Spain's government will effectively nationalize the nation's fourth largest bank to shore up the hurting banking sector and try to convince investors the country doesn't need a bailout like those taken by Greece, Ireland and Portugal, the Economy Ministry said Wednesday.
Under the deal, (EURO)4.5 billion ($5.9 billion) in funding that Bankia SA received from Spain in 2010 and 2011 will be converted into shares of the institution's parent company, the ministry said in a statement.
On Friday, the government is expected to announce a more wide-ranging banking system overhaul to free up frozen credit as Spain weathers a recession and 24.4 percent unemployment _ the worst jobless rate among the 17 nations that use the euro.
Bankia faces the heaviest exposure among Spain's banks to bad property loans caused by a construction boom that went bust, and holds (EURO)34 billion in problematic loans.
The government decision to assume control of the bank came after Bankia directors approved the plan and nervous investors sent Spanish government bond yields soaring and stocks plunging. They are concerned Spain may be forced to ask for a bailout.
Spain will get 45 percent of Bankia under the deal and "will acquire control," the ministry said.
The statement called the move "a necessary first step to ensure solvency, the tranquility of the depositors and to dispel the doubts of the markets on the capital needs of the entity."
Hours before the announcement, Prime Minister Mariano Rajoy dodged a question on whether Bankia would be nationalized but tried to reassure the 10 million Spaniards who have accounts with Bankia and said Friday's additional reforms "will help solve a lot of Spain's problems."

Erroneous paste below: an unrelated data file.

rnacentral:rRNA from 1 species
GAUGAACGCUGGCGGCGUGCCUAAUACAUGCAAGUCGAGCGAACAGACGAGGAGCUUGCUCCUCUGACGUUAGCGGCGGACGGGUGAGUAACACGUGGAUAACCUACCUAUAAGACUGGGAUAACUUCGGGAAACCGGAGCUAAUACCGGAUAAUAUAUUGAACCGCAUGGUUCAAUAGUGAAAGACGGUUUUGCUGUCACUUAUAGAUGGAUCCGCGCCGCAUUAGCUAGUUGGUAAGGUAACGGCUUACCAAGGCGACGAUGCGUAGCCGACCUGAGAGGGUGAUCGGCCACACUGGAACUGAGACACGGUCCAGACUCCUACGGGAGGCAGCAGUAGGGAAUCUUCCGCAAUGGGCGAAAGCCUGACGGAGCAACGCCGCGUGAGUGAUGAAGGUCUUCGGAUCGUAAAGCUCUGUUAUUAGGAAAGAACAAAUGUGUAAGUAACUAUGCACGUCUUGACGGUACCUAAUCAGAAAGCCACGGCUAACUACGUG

Spain's goal is to give incentives for Spanish banks largely frozen out of international capital markets to again start giving credit to hurting businesses and consumers caught up in a bleak economy expected to contract 1.7 percent this year, Rajoy said.
"We know the situation is difficult, we know what we have to do and we will do it," Rajoy said in Portugal.
The yield on the benchmark Spanish 10-year bonds rose Friday to 6.06 percent, a jump of 0.28 percentage points on the day and uncomfortably high. Bond yields indicate the rate the government borrows at when it taps financial markets. Rates of above 7 percent are seen as unsustainable, and forced Greece, Ireland and Portugal to ask for bailouts.
Beyond Spain's banking problems, the market jitters were also due to a political crisis in Greece, where elections on Sunday were inconclusive. Political parties in Athens have so far been unable to form a governing coalition, meaning the country may have to hold new elections.
Investors worry that so much uncertainty could jeopardize the country's international bailout program, leaving Greece insolvent and even _ in the worst-case scenario _ abandoning the euro currency bloc.
The fears have caused turmoil in the financial markets of the weakest economies in Europe. Italy's stocks plunged, and the country's the 10-year bond yield rose 0.21 percentage points to 5.57 percent.
In Spain, attention the rest of the week will remain on the banks and the government's new measures.
Bankia shares fell 5.8 percent on Wednesday before the announcement, the company's third straight day of heavy losses, while the broader market in Madrid closed down 2.8 percent.
Bankia is the result of a merger of seven cajas, or regional savings banks. The largest was called Caja Madrid.
Associated Press writers Daniel Woolls and Jorge Sainz contributed from Madrid.
(This version CORRECTS Corrects unemployment rate, 24.4 percent and not 22.4 percent)